Having completed the tractate on assises and recognitions provided on the possessory  right for the recovery of seisin, one's own or [that] of an ancestor [holding] as of fee,  and also the tractate on pleas of entry, we must [now] deal with the plea on the right  and the property, [for the recovery] of one's own seisin or that of some ancestor of a  tenement or a right of which the ancestor did not die seised as of fee, where both  rights, of possession and property, are brought to judgment and determined at the  same time, as will be explained below where the reason why will be given. The plea of  right takes last place in the order of pleas, because he who once loses in this plea,  whether by judgment, the grand assise or the duel, will never have recourse to another  action, because the exception of res judicata will bar him forever. The judgment  rendered will be this, that the demandant recover his seisin to himself and his heirs  quit of such a one, the aforesaid tenant and his heirs for ever. By judgment, I say,  because it is otherwise if it is by default, the distinction being sometimes made1[as  below, of defaults.]2 If one once sues by this writ of right, in any way whatever, as  was said above, [that is], if it is impetrated in a case in which it is applicable,3 he will  never afterward have recourse to an action on the possession, especially since the plea  by writ of right includes both rights, possession as well as property, as was said a little  above. Since the forms of writs of right are many, let us examine the formulae; first  those which are sometimes determined in the courts of lords, of which this is the first.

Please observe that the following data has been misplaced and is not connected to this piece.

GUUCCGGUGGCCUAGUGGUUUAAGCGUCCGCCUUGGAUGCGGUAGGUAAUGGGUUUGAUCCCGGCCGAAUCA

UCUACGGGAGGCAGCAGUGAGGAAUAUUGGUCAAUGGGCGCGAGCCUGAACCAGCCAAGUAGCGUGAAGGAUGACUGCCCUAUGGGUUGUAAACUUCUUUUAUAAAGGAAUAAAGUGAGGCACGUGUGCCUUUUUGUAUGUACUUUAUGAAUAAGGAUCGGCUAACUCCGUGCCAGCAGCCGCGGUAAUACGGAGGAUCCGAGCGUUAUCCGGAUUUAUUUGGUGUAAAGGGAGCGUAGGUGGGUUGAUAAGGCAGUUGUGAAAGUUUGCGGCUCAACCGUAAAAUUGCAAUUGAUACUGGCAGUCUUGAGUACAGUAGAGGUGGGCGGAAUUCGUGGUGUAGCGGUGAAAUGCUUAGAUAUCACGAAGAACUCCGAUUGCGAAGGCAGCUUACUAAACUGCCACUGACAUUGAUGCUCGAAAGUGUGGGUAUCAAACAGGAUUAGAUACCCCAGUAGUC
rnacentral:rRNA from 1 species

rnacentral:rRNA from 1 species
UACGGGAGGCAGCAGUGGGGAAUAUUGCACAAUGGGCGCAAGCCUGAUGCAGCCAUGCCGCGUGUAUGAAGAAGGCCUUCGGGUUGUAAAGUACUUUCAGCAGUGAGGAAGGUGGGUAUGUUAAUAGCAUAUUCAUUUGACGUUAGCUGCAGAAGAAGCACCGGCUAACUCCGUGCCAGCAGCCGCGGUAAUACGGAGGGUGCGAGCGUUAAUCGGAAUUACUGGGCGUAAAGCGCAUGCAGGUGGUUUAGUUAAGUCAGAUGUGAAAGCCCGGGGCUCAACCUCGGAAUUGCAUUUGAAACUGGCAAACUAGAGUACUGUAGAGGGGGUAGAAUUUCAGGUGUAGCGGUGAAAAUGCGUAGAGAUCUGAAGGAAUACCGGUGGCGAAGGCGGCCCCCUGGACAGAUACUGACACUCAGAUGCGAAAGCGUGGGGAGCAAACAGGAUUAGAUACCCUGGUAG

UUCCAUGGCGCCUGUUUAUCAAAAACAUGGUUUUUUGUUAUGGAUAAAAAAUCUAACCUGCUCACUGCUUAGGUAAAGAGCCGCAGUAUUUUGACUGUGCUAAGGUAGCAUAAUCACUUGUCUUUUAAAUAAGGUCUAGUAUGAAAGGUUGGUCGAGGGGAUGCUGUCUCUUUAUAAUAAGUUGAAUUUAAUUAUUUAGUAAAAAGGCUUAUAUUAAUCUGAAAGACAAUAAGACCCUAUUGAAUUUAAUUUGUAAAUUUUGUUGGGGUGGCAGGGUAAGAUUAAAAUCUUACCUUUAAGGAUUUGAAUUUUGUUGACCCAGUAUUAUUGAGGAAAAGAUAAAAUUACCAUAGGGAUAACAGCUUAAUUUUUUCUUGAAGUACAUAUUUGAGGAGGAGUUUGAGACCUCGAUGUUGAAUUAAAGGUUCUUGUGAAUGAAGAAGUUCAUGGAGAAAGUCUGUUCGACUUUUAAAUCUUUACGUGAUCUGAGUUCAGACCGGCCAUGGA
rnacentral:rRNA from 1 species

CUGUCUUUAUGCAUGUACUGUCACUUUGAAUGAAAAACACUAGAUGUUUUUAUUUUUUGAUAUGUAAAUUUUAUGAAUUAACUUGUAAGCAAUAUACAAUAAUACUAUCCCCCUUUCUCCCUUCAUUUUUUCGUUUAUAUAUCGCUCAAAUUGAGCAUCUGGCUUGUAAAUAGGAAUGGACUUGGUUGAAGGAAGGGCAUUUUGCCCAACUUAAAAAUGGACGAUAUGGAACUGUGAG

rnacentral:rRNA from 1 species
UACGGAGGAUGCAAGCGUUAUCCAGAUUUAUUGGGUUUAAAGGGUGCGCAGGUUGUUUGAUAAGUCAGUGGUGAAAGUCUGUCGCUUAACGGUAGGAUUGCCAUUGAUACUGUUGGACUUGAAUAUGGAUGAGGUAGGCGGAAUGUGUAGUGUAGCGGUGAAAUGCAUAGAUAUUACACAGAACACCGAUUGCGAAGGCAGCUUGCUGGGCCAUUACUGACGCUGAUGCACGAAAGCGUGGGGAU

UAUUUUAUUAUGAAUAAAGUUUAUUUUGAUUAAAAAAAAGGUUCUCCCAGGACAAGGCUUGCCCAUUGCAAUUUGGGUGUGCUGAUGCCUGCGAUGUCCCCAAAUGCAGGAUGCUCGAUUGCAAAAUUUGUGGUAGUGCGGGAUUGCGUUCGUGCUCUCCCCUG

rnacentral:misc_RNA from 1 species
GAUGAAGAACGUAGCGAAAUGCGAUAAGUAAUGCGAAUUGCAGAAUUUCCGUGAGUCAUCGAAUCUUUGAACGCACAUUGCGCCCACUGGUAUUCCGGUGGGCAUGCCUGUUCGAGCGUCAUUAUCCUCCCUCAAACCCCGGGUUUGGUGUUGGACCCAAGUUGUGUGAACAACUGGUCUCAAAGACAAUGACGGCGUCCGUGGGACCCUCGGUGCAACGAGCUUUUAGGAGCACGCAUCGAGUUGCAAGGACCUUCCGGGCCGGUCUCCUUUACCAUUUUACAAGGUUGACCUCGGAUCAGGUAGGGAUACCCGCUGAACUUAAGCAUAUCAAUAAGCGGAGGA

Of the form of writs.
 4The king to N., greeting. We order you without delay you do full right to such a one  with respect to so much land with the appurtenances in such a vill which he claims to  hold of you by the free service of so much a year for all service, and of which such a  one deforces him. And if you do not do so, the sheriff shall, lest